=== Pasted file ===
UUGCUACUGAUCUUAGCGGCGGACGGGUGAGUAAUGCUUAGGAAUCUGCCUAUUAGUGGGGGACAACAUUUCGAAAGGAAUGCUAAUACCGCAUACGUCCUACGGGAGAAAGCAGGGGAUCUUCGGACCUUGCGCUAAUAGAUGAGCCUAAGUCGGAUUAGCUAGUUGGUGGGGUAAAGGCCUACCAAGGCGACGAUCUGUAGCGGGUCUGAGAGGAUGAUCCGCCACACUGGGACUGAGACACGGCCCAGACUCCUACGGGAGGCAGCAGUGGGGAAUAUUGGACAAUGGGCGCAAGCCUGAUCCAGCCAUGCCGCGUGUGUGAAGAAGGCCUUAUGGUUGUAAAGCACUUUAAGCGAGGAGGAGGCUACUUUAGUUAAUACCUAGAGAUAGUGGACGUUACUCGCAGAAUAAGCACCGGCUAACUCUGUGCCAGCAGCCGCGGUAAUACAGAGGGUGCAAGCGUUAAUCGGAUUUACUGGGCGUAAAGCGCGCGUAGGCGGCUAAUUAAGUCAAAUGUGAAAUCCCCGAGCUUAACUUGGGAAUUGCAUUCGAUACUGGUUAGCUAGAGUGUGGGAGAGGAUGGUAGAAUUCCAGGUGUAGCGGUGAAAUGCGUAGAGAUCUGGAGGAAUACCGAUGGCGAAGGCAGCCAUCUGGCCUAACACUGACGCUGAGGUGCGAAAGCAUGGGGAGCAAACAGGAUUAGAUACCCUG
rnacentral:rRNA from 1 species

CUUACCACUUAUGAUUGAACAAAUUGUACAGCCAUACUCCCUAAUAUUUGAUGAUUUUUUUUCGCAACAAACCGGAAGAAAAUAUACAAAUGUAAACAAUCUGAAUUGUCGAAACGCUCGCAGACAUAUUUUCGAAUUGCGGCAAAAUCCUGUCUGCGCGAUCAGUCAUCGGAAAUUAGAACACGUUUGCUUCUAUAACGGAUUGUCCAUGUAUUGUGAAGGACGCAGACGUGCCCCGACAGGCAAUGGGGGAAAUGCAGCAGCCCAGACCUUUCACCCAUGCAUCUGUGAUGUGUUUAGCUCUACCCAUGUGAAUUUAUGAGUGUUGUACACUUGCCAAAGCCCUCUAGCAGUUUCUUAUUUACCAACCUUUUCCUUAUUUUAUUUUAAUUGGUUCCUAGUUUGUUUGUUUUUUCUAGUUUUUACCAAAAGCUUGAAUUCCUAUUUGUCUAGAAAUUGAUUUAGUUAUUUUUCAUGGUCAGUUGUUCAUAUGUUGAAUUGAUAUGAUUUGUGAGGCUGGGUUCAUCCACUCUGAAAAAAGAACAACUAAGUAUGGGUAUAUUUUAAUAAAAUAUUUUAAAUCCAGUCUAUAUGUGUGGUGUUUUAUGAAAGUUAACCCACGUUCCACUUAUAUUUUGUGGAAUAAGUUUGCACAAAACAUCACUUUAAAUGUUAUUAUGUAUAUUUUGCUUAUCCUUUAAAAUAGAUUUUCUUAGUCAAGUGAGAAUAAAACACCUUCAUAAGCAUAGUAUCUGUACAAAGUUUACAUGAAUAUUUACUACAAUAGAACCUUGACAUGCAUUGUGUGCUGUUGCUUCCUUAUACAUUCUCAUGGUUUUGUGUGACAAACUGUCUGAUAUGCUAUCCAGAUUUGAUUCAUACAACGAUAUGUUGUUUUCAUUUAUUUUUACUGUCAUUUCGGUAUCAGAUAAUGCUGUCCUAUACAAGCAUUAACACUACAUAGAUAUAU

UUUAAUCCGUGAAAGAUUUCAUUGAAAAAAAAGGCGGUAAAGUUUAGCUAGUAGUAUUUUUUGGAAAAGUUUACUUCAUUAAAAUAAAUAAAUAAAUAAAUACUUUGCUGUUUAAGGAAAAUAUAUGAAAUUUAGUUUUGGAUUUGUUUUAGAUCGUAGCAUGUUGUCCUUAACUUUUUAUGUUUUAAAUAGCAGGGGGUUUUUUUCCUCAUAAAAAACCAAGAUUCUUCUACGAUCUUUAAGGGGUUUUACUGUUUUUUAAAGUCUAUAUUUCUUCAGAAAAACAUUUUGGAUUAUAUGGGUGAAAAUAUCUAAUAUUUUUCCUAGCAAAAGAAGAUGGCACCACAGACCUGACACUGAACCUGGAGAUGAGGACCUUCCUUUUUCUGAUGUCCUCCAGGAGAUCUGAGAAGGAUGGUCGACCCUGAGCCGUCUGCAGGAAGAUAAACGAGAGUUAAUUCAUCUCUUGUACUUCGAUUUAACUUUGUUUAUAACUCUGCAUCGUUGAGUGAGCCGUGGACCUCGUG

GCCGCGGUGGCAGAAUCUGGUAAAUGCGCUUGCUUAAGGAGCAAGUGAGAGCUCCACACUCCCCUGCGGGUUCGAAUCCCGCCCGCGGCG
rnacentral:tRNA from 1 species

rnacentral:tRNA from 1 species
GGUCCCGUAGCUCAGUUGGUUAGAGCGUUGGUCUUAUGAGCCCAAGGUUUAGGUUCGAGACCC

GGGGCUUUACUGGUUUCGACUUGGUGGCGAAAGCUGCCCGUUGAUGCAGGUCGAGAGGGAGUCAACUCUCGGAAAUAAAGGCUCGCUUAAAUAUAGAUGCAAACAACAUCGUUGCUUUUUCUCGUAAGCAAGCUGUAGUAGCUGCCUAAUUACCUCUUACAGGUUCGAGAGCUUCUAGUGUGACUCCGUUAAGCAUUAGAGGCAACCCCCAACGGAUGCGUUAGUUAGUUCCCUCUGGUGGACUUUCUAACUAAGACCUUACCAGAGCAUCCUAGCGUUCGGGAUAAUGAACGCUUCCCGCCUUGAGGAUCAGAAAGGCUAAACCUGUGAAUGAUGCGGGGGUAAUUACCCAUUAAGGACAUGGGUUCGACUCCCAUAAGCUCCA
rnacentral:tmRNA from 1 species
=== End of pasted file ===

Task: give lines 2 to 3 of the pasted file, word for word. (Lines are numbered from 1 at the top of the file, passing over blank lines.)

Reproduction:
rnacentral:rRNA from 1 species

CUUACCACUUAUGAUUGAACAAAUUGUACAGCCAUACUCCCUAAUAUUUGAUGAUUUUUUUUCGCAACAAACCGGAAGAAAAUAUACAAAUGUAAACAAUCUGAAUUGUCGAAACGCUCGCAGACAUAUUUUCGAAUUGCGGCAAAAUCCUGUCUGCGCGAUCAGUCAUCGGAAAUUAGAACACGUUUGCUUCUAUAACGGAUUGUCCAUGUAUUGUGAAGGACGCAGACGUGCCCCGACAGGCAAUGGGGGAAAUGCAGCAGCCCAGACCUUUCACCCAUGCAUCUGUGAUGUGUUUAGCUCUACCCAUGUGAAUUUAUGAGUGUUGUACACUUGCCAAAGCCCUCUAGCAGUUUCUUAUUUACCAACCUUUUCCUUAUUUUAUUUUAAUUGGUUCCUAGUUUGUUUGUUUUUUCUAGUUUUUACCAAAAGCUUGAAUUCCUAUUUGUCUAGAAAUUGAUUUAGUUAUUUUUCAUGGUCAGUUGUUCAUAUGUUGAAUUGAUAUGAUUUGUGAGGCUGGGUUCAUCCACUCUGAAAAAAGAACAACUAAGUAUGGGUAUAUUUUAAUAAAAUAUUUUAAAUCCAGUCUAUAUGUGUGGUGUUUUAUGAAAGUUAACCCACGUUCCACUUAUAUUUUGUGGAAUAAGUUUGCACAAAACAUCACUUUAAAUGUUAUUAUGUAUAUUUUGCUUAUCCUUUAAAAUAGAUUUUCUUAGUCAAGUGAGAAUAAAACACCUUCAUAAGCAUAGUAUCUGUACAAAGUUUACAUGAAUAUUUACUACAAUAGAACCUUGACAUGCAUUGUGUGCUGUUGCUUCCUUAUACAUUCUCAUGGUUUUGUGUGACAAACUGUCUGAUAUGCUAUCCAGAUUUGAUUCAUACAACGAUAUGUUGUUUUCAUUUAUUUUUACUGUCAUUUCGGUAUCAGAUAAUGCUGUCCUAUACAAGCAUUAACACUACAUAGAUAUAU